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Advisors Favor Mid-Cap Stocks as They Outperform S&P 500 in 2024

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Moomoo News Global wrote a column · Apr 10 02:17
Wall Street has been dominated by the "Magnificent Seven" stocks for the past months, but risk appetite is apparently returning to the broader market. That has some financial advisors eyeing mid-cap stocks for their clients, seeking overlooked investment opportunities.
Some financial advisors are apparently recognizing the value of market breadth and the benefits of hedging through diversification as they pivot towards midcap stock ETFs. Evidence of this shift was apparent in the first quarter, as funds like the $Invesco S&P Midcap Quality Etf(XMHQ.US)$ and the $INVESCO S&P MIDCAP 400A GARP ETF(GRPM.US)$ collectively attracted over $1 billion in new investments, according to ETF.com's Jeff Benjamin.
By expanding their focus beyond the historically favored high-performing large-cap stocks, advisors are seeking to mitigate risk and enhance the resilience of client portfolios. Embracing midcap ETFs is a testament to the advisors' commitment to diversifying investment exposure and tapping into the growth potential of these often-overlooked companies.
Advisors Favor Mid-Cap Stocks as They Outperform S&P 500 in 2024
The extended large cap rally is pushing investors to seek ETFs that can offer diversification beyond the mega-cap growth names," said Nick Kalivas, Head of Factor and Core Equity ETF Strategy at Atlanta-based Invesco Ltd. "This is a key attribute of mid-cap, where factor screening combines less expensive valuation down the market-cap spectrum and a forecasted improvement for potential investment opportunities."
Cheap Valuation
Despite the current growing interest, the surge in midcap ETFs is still overshadowed by the dominant bull market propelled by the largest firms, notably the "Magnificent Seven" stocks that have been pivotal in driving the performance of major indexes such as the $S&P 500 Index(.SPX.US)$. The popularity generally leads to a valuation difference between large-cap and mid-cap stocks.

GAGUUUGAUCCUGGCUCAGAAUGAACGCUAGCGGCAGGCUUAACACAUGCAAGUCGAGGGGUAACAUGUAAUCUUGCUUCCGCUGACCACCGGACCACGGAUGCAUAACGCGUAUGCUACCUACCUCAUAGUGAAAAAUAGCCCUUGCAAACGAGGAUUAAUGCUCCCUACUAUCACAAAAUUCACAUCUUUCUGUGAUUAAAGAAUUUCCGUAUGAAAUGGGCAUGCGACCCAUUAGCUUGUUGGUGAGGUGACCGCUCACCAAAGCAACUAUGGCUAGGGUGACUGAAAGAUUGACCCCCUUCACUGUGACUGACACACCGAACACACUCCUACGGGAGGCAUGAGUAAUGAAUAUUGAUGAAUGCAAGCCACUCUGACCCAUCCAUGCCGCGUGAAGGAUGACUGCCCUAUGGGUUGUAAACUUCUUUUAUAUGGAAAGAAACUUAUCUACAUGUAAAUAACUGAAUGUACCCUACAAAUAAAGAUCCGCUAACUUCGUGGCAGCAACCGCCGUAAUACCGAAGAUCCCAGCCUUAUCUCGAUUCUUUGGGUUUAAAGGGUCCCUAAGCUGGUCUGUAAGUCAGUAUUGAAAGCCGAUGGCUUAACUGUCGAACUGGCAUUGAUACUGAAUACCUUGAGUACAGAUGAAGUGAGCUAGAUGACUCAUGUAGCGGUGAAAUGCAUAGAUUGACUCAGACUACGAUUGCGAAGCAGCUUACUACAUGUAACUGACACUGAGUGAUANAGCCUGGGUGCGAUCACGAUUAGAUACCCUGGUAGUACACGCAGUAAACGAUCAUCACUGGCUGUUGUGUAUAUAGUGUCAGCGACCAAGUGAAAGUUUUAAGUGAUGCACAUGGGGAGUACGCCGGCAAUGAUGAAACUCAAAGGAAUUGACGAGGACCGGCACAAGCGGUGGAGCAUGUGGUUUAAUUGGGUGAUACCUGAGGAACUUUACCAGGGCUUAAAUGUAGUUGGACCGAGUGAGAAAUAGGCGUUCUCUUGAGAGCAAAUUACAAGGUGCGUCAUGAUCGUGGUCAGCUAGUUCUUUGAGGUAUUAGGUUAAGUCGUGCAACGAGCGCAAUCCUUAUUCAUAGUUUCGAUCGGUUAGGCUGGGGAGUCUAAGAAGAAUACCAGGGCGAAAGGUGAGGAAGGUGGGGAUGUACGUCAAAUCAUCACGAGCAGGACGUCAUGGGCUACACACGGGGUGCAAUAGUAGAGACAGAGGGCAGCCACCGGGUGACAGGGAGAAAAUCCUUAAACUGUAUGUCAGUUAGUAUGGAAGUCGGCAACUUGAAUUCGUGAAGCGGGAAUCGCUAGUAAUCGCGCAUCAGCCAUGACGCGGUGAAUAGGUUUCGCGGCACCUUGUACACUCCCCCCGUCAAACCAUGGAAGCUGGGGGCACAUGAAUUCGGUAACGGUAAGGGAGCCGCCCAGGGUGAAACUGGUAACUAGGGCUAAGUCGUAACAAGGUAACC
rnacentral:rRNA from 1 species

According to Sheldon, the S&P 400's average P/E ratio from January 1997 to October 2023 was 1.04 times higher than the S&P 500's. That ratio, however, is currently only 0.68 times that of the S&P 500.
Invesco's analyst Kalivas points out that earnings projections for the next two years appear more favorable for smaller-sized companies. For 2024, while large-cap stocks are expected to see a 12.5% increase in year-over-year earnings, mid-cap stocks are predicted to experience a more substantial growth of 20.5%, with small caps leading at 29.8%. In 2025, earnings are estimated to grow by 13.9% for large caps, 17.2% for mid-caps, and 18.6% for small caps, indicating sustained momentum for the earnings of smaller companies.
"There is certainly a case that small- and midcaps are cheap relative to large-caps," said Rick Wedell, chief investment officer at RFG Advisor in Birmingham, Alabama.
Morningstar also sees small-caps as undervalued. The 350 midcap stocks covered by the investment-research firm are trading 6% below a composite of its fair-value estimates for the stocks.
Performance Mean reversion
Small- and mid-cap equities have performed better than large-cap stocks during the past 35 years, which has attracted investors to them.
However, with the S&P 500 substantially outperforming the S&P 400 over the past five years -- 15.69% annualized for the S&P 500 versus 12.62% for the S&P 400 and 9.97% for the $Russell 2000 Index(.RUT.US)$, according to Morningstar -- some professionals say midcaps could be poised to outperform large-caps and now is a good time to build a position.
Heritage Capital's President Paul Schatz, based in Woodbridge, Connecticut, acknowledges that the performance comparison among stocks of varying market caps is a continuous narrative. However, he notes that the current scenario stands out due to the significant and prolonged underperformance of mid-sized and small-cap stocks. He remarks that betting against large caps has been a disastrous move for many investors. Schatz suggests that the market might now be anticipating a Federal Reserve rate cut, which could invigorate investments in these underperforming market segments.
Adding industry diversity to a portfolio of large- and small-cap stocks is another benefit of midcaps. Information technology, financials, and healthcare make up the top three sector weightings in the S&P 500 with 28.9%, 13%, and 12.6%, respectively. The top three sector weightings in the Russell 2000 are industrials, at 18.3%, financials, at 16.1%, and healthcare, at 15.2%. Industrials make up 21.2% of the S&P 400, followed by financials at 16.2% and consumer discretionary at 15.8%.
Source: WSJ, ETF.com, MarketWatch
Disclaimer: Moomoo Technologies Inc. is providing this content for information and educational use only. Read more
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